|UN number||1385 (anhydrous)
|Molar mass||78.0452 g/mol (anhydrous)
240.18 g/mol (nonahydrate)
|Appearance||colorless, hygroscopic solid|
|Density||1.856 g/cm3 (anhydrous)
1.58 g/cm3 (pentahydrate)
1.43 g/cm3 (nonohydrate)
|Melting point||1,176 °C (2,149 °F; 1,449 K) (anhydrous)
100 °C (pentahydrate)
50 °C (nonahydrate)
|12.4 g/100 mL (0 °C)
18.6 g/100 mL (20 °C)
39 g/100 mL (50 °C)
|Solubility||insoluble in ether
slightly soluble in alcohol
|Crystal structure||Antifluorite (cubic), cF12|
|Space group||Fm3m, No. 225|
|Tetrahedral (Na+); cubic (S2−)|
|EU classification||Corrosive (C)
Dangerous for the environment (N)
|R-phrases||R31, R34, R50|
|S-phrases||(S1/2), S26, S45, S61|
|> 480 °C (896 °F; 753 K)|
Except where otherwise noted, data are given for materials in their standard state (at 25 °C [77 °F], 100 kPa).
|what is: / ?)(|
Sodium sulfide is the chemical compound with the formula Na2S, or more commonly its hydrate Na2S·9H2O. Both are colorless water-soluble salts that give strongly alkaline solutions. When exposed to moist air, Na2S and its hydrates emit hydrogen sulfide, which smells like rotten eggs. Some commercial samples are specified as Na2S·xH2O, where a weight percentage of Na2S is specified. Commonly available grades have around 60% Na2S by weight, which means that x is around 3. Such technical grades of sodium sulfide have a yellow appearance owing to the presence of polysulfides. These grades of sodium sulfide are marketed as 'sodium sulfide flakes'. Although the solid is yellow, solutions of it are colorless.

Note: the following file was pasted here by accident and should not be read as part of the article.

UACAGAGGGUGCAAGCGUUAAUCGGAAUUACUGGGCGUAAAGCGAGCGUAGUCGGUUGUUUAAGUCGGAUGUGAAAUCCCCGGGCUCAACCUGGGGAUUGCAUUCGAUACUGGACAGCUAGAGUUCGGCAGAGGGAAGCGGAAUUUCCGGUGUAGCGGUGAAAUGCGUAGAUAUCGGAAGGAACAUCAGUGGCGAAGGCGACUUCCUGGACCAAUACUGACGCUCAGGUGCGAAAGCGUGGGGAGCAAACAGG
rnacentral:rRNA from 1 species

- Na2SO4 + 2 C → Na2S + 2 CO2
In the laboratory, the salt can be prepared by reduction of sulfur with sodium in anhydrous ammonia. Alternatively, sulfur can be reduced by sodium in dry THF with a catalytic amount of naphthalene:
- 2 Na + S → Na2S
Sodium sulfide can also be produced by the reaction with sodium cyanide and sulfuric acid, however, toxic hydrogen cyanide is formed in the process.
Reactions with inorganic reagents
The dissolution process can be described as follows:
- Na2S + H2O → NaHS + NaOH
- 2 Na2S + 3 O2 + 2 CO2 → 2 Na2CO3 + 2 SO2
Oxidation with hydrogen peroxide gives sodium sulfate:
- 2 Na2S + 4 H2O2 → 4 H2O + Na2SO4
Upon treatment with sulfur, polysulfides are formed:
- 2Na2S + S8 → 2 Na2S5
It is used in water treatment as an oxygen scavenger agent and also as a metals precipitant, in chemical photography for toning black and white photographs, in textile industry as a bleaching, and as a desulfurising and as a dechlorinating agent and in leather trade for the sulfitisation of tanning extracts. It is used in chemical manufacturing as a sulfonation and sulfomethylation agent. It is used in the production of rubber chemicals, sulfur dyes and other chemical compounds. It is used in other applications including ore flotation, oil recovery, making dyes, and detergent.It is also used for leather processing in liming operation as unhairing agent.
Reagent in organic chemistry
Alkylation of sodium sulfide give thioethers:
- Na2S + 2 RX → R2S + 2 NaX
- Zintl, E; Harder, A; Dauth, B. (1934). "Gitterstruktur der oxyde, sulfide, selenide und telluride des lithiums, natriums und kaliums". Z. Elektrochem. Angew. Phys. Chem. 40: 588–93.
- Wells, A.F. (1984) Structural Inorganic Chemistry, Oxford: Clarendon Press. ISBN 0-19-855370-6.
- Holleman, A. F.; Wiberg, E. "Inorganic Chemistry" Academic Press: San Diego, 2001. ISBN 0-12-352651-5.
- So, J.-H; Boudjouk, P; Hong, Harry H.; Weber, William P. (1992). "Hexamethyldisilathiane". Inorg. Synth. Inorganic Syntheses 29: 30. doi:10.1002/9780470132609.ch11. ISBN 978-0-470-13260-9.
- L. Lange, W. Triebel, "Sulfides, Polysulfides, and Sulfanes" in Ullmann's Encyclopedia of Industrial Chemistry 2000, Wiley-VCH, Weinheim. doi:10.1002/14356007.a25_443
- Charles C. Price, Gardner W. Stacy "p-Aminophenyldisulfide" Org. Synth. 1948, vol. 28, 14. doi:10.15227/orgsyn.028.0014
- Hartman, W. W.; Silloway, H. L. (1955). "2-Amino-4-nitrophenol". Org. Synth.; Coll. Vol. 3, p. 82